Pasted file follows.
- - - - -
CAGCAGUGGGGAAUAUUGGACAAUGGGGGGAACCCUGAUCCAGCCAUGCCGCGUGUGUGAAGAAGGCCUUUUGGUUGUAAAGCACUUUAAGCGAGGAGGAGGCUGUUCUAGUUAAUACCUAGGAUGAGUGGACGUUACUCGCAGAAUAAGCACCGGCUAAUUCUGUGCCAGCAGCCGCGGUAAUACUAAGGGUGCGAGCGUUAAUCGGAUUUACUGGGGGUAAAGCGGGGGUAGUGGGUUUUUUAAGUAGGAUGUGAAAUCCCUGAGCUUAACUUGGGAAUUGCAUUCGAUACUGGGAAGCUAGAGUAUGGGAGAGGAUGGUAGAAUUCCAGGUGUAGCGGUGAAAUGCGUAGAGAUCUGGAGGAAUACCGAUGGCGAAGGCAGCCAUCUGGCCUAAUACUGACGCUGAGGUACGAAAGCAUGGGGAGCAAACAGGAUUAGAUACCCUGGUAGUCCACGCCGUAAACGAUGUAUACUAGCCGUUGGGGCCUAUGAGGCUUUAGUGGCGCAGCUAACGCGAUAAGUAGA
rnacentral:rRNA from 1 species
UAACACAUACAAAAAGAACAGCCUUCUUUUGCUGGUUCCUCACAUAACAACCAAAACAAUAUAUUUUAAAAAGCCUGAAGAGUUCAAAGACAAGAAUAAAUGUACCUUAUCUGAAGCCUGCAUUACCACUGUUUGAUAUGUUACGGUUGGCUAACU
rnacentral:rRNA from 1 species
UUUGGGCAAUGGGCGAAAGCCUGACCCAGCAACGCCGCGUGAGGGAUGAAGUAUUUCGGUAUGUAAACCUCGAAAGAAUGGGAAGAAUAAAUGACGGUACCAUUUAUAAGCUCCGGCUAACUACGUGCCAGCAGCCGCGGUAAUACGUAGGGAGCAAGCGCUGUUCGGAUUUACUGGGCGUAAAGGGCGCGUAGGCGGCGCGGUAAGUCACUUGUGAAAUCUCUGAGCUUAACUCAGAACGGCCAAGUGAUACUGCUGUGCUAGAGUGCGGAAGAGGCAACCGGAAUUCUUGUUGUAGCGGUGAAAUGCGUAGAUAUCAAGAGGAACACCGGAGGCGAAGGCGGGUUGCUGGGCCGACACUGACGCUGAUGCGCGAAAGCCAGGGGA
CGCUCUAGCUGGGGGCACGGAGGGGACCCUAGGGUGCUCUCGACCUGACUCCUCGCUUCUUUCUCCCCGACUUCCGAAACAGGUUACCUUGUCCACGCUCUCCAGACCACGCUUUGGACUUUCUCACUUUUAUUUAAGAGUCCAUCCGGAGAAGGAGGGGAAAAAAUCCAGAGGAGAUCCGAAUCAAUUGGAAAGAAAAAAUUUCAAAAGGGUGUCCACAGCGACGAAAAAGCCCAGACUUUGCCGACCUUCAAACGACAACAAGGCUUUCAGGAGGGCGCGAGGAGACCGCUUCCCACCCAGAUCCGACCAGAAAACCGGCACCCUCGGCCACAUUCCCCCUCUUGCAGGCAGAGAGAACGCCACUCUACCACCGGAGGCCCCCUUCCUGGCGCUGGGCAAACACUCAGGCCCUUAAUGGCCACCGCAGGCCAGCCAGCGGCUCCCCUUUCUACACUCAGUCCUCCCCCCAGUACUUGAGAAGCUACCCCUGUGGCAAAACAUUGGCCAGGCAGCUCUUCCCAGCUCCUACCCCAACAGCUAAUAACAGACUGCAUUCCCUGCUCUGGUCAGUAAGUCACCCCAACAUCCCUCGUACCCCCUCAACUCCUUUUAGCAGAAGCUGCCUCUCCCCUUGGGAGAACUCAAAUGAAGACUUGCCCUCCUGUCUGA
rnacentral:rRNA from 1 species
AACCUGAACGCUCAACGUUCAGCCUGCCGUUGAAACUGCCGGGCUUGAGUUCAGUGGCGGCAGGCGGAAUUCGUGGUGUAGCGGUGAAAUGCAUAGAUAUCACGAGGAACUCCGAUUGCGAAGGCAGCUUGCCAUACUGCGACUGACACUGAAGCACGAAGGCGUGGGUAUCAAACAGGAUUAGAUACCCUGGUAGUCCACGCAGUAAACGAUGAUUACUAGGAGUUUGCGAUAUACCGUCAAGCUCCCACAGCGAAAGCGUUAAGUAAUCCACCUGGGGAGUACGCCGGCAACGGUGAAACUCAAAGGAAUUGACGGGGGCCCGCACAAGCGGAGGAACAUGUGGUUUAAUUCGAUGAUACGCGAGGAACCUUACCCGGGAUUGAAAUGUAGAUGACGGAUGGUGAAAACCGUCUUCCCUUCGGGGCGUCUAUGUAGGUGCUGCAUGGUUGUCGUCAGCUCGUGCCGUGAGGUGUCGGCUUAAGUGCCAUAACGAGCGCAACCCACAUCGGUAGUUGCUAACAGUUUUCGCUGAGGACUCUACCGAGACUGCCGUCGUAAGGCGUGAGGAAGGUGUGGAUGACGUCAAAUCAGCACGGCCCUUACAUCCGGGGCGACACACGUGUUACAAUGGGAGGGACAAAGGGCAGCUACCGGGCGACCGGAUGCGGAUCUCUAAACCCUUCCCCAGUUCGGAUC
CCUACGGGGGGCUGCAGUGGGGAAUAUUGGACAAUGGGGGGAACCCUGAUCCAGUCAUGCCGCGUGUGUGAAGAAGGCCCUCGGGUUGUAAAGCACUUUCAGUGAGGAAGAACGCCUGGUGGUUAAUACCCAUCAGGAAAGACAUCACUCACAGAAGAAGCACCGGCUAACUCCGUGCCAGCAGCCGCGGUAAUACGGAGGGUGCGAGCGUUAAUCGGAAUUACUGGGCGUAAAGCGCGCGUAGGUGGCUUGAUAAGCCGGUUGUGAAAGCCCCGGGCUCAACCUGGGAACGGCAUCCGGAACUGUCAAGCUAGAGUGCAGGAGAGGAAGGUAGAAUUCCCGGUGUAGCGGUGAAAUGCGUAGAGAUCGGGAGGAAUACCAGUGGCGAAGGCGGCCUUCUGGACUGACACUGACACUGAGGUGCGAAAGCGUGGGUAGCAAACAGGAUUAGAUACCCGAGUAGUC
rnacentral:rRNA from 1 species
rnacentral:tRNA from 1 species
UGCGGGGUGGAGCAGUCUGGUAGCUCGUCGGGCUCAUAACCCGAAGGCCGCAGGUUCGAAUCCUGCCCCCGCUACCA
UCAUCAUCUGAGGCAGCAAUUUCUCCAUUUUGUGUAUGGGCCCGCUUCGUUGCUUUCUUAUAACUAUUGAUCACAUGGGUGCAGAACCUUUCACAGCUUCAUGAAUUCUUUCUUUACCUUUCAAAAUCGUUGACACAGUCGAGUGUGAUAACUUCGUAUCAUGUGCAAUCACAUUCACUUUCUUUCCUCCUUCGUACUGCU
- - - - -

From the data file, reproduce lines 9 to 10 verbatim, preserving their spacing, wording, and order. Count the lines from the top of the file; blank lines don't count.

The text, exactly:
CCUACGGGGGGCUGCAGUGGGGAAUAUUGGACAAUGGGGGGAACCCUGAUCCAGUCAUGCCGCGUGUGUGAAGAAGGCCCUCGGGUUGUAAAGCACUUUCAGUGAGGAAGAACGCCUGGUGGUUAAUACCCAUCAGGAAAGACAUCACUCACAGAAGAAGCACCGGCUAACUCCGUGCCAGCAGCCGCGGUAAUACGGAGGGUGCGAGCGUUAAUCGGAAUUACUGGGCGUAAAGCGCGCGUAGGUGGCUUGAUAAGCCGGUUGUGAAAGCCCCGGGCUCAACCUGGGAACGGCAUCCGGAACUGUCAAGCUAGAGUGCAGGAGAGGAAGGUAGAAUUCCCGGUGUAGCGGUGAAAUGCGUAGAGAUCGGGAGGAAUACCAGUGGCGAAGGCGGCCUUCUGGACUGACACUGACACUGAGGUGCGAAAGCGUGGGUAGCAAACAGGAUUAGAUACCCGAGUAGUC
rnacentral:rRNA from 1 species